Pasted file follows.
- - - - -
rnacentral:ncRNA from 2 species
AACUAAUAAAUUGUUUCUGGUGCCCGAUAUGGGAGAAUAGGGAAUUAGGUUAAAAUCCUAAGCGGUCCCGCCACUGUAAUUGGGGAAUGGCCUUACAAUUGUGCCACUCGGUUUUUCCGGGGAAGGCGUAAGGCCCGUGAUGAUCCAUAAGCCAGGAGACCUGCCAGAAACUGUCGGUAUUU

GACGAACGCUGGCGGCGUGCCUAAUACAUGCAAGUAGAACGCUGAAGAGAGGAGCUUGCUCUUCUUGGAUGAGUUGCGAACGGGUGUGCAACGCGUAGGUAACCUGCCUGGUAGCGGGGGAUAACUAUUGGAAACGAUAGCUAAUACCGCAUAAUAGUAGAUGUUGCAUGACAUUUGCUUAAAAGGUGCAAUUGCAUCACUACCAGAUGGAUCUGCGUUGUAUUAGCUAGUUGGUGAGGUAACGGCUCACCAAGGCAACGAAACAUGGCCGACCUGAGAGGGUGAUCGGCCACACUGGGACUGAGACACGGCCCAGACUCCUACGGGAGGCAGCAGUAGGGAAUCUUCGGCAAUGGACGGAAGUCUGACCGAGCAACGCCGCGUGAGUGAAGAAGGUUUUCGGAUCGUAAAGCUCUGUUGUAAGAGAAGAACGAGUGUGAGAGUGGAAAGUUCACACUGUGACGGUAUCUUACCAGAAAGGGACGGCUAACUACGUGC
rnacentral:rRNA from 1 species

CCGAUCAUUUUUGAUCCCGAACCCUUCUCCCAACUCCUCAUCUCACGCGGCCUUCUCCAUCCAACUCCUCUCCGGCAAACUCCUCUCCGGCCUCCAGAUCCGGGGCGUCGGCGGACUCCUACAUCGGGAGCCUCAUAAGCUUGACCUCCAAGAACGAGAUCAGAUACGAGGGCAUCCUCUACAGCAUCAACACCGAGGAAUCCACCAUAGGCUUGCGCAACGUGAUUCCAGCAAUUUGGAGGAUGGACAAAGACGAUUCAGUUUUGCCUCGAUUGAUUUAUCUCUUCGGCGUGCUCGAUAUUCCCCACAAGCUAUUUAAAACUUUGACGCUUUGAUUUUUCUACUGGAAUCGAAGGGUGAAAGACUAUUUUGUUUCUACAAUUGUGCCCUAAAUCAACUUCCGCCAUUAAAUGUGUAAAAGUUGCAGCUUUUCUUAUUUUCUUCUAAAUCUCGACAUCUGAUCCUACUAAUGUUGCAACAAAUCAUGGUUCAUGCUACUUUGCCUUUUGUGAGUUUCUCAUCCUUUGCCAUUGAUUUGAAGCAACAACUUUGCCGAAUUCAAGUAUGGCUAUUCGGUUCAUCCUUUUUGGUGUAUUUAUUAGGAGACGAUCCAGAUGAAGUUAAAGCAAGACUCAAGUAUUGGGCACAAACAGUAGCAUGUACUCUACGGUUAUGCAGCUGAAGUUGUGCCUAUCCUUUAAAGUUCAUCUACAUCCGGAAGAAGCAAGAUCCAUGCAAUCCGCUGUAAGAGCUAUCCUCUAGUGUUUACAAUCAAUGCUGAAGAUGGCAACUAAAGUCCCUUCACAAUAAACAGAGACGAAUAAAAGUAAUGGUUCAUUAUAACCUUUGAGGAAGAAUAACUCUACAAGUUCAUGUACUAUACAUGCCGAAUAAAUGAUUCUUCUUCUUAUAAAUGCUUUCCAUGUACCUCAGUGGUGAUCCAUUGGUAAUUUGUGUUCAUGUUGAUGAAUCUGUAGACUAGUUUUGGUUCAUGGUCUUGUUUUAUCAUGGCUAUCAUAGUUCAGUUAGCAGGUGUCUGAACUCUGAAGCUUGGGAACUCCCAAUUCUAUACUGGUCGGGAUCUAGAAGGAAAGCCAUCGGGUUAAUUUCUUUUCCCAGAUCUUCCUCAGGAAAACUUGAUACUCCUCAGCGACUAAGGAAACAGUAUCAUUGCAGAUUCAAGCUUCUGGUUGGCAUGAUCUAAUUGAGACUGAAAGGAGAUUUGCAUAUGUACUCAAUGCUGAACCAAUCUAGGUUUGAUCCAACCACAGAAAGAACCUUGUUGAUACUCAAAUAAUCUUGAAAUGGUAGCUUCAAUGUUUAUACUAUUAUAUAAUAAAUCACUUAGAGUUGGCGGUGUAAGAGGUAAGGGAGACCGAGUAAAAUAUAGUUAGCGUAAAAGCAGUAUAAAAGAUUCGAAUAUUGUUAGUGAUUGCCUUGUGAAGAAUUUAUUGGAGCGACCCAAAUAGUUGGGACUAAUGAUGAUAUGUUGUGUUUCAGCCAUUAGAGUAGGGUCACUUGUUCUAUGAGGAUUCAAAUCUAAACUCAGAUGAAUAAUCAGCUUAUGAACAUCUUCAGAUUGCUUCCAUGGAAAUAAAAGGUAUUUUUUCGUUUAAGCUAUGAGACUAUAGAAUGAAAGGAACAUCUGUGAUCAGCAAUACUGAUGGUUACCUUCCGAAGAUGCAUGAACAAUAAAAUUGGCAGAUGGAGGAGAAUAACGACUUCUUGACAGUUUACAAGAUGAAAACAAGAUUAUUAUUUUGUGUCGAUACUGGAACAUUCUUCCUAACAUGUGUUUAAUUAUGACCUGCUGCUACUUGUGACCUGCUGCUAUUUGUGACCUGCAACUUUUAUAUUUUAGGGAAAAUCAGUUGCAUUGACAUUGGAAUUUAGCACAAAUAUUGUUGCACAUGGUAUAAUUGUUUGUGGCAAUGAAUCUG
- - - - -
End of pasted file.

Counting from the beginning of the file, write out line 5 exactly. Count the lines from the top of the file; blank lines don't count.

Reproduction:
CCGAUCAUUUUUGAUCCCGAACCCUUCUCCCAACUCCUCAUCUCACGCGGCCUUCUCCAUCCAACUCCUCUCCGGCAAACUCCUCUCCGGCCUCCAGAUCCGGGGCGUCGGCGGACUCCUACAUCGGGAGCCUCAUAAGCUUGACCUCCAAGAACGAGAUCAGAUACGAGGGCAUCCUCUACAGCAUCAACACCGAGGAAUCCACCAUAGGCUUGCGCAACGUGAUUCCAGCAAUUUGGAGGAUGGACAAAGACGAUUCAGUUUUGCCUCGAUUGAUUUAUCUCUUCGGCGUGCUCGAUAUUCCCCACAAGCUAUUUAAAACUUUGACGCUUUGAUUUUUCUACUGGAAUCGAAGGGUGAAAGACUAUUUUGUUUCUACAAUUGUGCCCUAAAUCAACUUCCGCCAUUAAAUGUGUAAAAGUUGCAGCUUUUCUUAUUUUCUUCUAAAUCUCGACAUCUGAUCCUACUAAUGUUGCAACAAAUCAUGGUUCAUGCUACUUUGCCUUUUGUGAGUUUCUCAUCCUUUGCCAUUGAUUUGAAGCAACAACUUUGCCGAAUUCAAGUAUGGCUAUUCGGUUCAUCCUUUUUGGUGUAUUUAUUAGGAGACGAUCCAGAUGAAGUUAAAGCAAGACUCAAGUAUUGGGCACAAACAGUAGCAUGUACUCUACGGUUAUGCAGCUGAAGUUGUGCCUAUCCUUUAAAGUUCAUCUACAUCCGGAAGAAGCAAGAUCCAUGCAAUCCGCUGUAAGAGCUAUCCUCUAGUGUUUACAAUCAAUGCUGAAGAUGGCAACUAAAGUCCCUUCACAAUAAACAGAGACGAAUAAAAGUAAUGGUUCAUUAUAACCUUUGAGGAAGAAUAACUCUACAAGUUCAUGUACUAUACAUGCCGAAUAAAUGAUUCUUCUUCUUAUAAAUGCUUUCCAUGUACCUCAGUGGUGAUCCAUUGGUAAUUUGUGUUCAUGUUGAUGAAUCUGUAGACUAGUUUUGGUUCAUGGUCUUGUUUUAUCAUGGCUAUCAUAGUUCAGUUAGCAGGUGUCUGAACUCUGAAGCUUGGGAACUCCCAAUUCUAUACUGGUCGGGAUCUAGAAGGAAAGCCAUCGGGUUAAUUUCUUUUCCCAGAUCUUCCUCAGGAAAACUUGAUACUCCUCAGCGACUAAGGAAACAGUAUCAUUGCAGAUUCAAGCUUCUGGUUGGCAUGAUCUAAUUGAGACUGAAAGGAGAUUUGCAUAUGUACUCAAUGCUGAACCAAUCUAGGUUUGAUCCAACCACAGAAAGAACCUUGUUGAUACUCAAAUAAUCUUGAAAUGGUAGCUUCAAUGUUUAUACUAUUAUAUAAUAAAUCACUUAGAGUUGGCGGUGUAAGAGGUAAGGGAGACCGAGUAAAAUAUAGUUAGCGUAAAAGCAGUAUAAAAGAUUCGAAUAUUGUUAGUGAUUGCCUUGUGAAGAAUUUAUUGGAGCGACCCAAAUAGUUGGGACUAAUGAUGAUAUGUUGUGUUUCAGCCAUUAGAGUAGGGUCACUUGUUCUAUGAGGAUUCAAAUCUAAACUCAGAUGAAUAAUCAGCUUAUGAACAUCUUCAGAUUGCUUCCAUGGAAAUAAAAGGUAUUUUUUCGUUUAAGCUAUGAGACUAUAGAAUGAAAGGAACAUCUGUGAUCAGCAAUACUGAUGGUUACCUUCCGAAGAUGCAUGAACAAUAAAAUUGGCAGAUGGAGGAGAAUAACGACUUCUUGACAGUUUACAAGAUGAAAACAAGAUUAUUAUUUUGUGUCGAUACUGGAACAUUCUUCCUAACAUGUGUUUAAUUAUGACCUGCUGCUACUUGUGACCUGCUGCUAUUUGUGACCUGCAACUUUUAUAUUUUAGGGAAAAUCAGUUGCAUUGACAUUGGAAUUUAGCACAAAUAUUGUUGCACAUGGUAUAAUUGUUUGUGGCAAUGAAUCUG